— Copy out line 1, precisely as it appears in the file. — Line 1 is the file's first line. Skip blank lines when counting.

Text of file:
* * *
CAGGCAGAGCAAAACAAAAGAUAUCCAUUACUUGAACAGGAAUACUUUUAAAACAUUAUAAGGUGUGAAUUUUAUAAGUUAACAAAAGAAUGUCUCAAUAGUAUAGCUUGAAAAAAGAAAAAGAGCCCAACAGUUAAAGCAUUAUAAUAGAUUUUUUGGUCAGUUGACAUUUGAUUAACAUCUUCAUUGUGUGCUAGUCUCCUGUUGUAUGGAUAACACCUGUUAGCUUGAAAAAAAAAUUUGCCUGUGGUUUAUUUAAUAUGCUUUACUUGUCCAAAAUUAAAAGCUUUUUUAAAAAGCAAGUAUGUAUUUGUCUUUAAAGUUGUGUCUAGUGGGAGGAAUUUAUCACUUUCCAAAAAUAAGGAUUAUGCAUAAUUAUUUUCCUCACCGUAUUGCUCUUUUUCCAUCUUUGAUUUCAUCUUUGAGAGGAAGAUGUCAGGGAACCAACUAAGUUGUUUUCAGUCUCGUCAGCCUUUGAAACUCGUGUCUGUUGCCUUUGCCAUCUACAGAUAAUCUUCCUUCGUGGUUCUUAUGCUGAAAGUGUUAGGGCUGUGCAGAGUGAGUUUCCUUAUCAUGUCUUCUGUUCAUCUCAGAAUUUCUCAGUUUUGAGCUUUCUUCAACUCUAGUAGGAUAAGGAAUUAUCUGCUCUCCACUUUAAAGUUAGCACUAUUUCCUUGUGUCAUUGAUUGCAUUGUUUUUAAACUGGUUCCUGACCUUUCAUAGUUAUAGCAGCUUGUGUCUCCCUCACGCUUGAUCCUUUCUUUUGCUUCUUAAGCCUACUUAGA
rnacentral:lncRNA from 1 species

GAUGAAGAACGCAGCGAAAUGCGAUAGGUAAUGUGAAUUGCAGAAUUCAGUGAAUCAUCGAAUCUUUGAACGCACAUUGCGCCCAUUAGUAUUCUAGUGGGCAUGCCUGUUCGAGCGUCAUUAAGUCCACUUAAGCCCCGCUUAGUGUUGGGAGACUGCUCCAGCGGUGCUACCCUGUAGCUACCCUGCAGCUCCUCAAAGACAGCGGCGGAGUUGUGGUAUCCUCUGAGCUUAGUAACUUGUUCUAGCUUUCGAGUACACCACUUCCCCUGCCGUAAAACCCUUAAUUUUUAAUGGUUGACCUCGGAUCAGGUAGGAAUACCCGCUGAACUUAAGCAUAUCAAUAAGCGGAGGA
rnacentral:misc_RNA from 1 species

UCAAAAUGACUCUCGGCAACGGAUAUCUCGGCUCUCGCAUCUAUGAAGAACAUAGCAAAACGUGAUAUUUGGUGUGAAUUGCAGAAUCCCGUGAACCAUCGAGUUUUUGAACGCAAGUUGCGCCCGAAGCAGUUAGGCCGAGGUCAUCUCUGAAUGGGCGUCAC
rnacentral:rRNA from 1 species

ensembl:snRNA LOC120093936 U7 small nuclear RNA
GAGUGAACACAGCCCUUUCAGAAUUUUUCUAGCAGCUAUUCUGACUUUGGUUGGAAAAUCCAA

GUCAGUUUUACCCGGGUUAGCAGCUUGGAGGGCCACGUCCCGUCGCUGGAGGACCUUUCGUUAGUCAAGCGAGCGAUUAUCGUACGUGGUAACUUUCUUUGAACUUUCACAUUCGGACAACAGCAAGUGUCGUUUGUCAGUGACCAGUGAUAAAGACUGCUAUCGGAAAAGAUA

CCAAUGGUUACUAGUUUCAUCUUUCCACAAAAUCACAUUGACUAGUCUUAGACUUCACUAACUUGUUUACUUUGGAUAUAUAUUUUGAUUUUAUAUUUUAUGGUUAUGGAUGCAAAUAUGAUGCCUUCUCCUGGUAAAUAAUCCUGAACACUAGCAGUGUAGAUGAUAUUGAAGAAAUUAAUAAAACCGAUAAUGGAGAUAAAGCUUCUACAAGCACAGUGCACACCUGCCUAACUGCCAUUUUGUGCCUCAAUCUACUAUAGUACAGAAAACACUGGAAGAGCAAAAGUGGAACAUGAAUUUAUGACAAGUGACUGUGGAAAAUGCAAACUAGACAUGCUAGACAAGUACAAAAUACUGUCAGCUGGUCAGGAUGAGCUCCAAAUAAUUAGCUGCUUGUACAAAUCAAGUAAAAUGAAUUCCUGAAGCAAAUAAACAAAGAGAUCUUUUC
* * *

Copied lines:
CAGGCAGAGCAAAACAAAAGAUAUCCAUUACUUGAACAGGAAUACUUUUAAAACAUUAUAAGGUGUGAAUUUUAUAAGUUAACAAAAGAAUGUCUCAAUAGUAUAGCUUGAAAAAAGAAAAAGAGCCCAACAGUUAAAGCAUUAUAAUAGAUUUUUUGGUCAGUUGACAUUUGAUUAACAUCUUCAUUGUGUGCUAGUCUCCUGUUGUAUGGAUAACACCUGUUAGCUUGAAAAAAAAAUUUGCCUGUGGUUUAUUUAAUAUGCUUUACUUGUCCAAAAUUAAAAGCUUUUUUAAAAAGCAAGUAUGUAUUUGUCUUUAAAGUUGUGUCUAGUGGGAGGAAUUUAUCACUUUCCAAAAAUAAGGAUUAUGCAUAAUUAUUUUCCUCACCGUAUUGCUCUUUUUCCAUCUUUGAUUUCAUCUUUGAGAGGAAGAUGUCAGGGAACCAACUAAGUUGUUUUCAGUCUCGUCAGCCUUUGAAACUCGUGUCUGUUGCCUUUGCCAUCUACAGAUAAUCUUCCUUCGUGGUUCUUAUGCUGAAAGUGUUAGGGCUGUGCAGAGUGAGUUUCCUUAUCAUGUCUUCUGUUCAUCUCAGAAUUUCUCAGUUUUGAGCUUUCUUCAACUCUAGUAGGAUAAGGAAUUAUCUGCUCUCCACUUUAAAGUUAGCACUAUUUCCUUGUGUCAUUGAUUGCAUUGUUUUUAAACUGGUUCCUGACCUUUCAUAGUUAUAGCAGCUUGUGUCUCCCUCACGCUUGAUCCUUUCUUUUGCUUCUUAAGCCUACUUAGA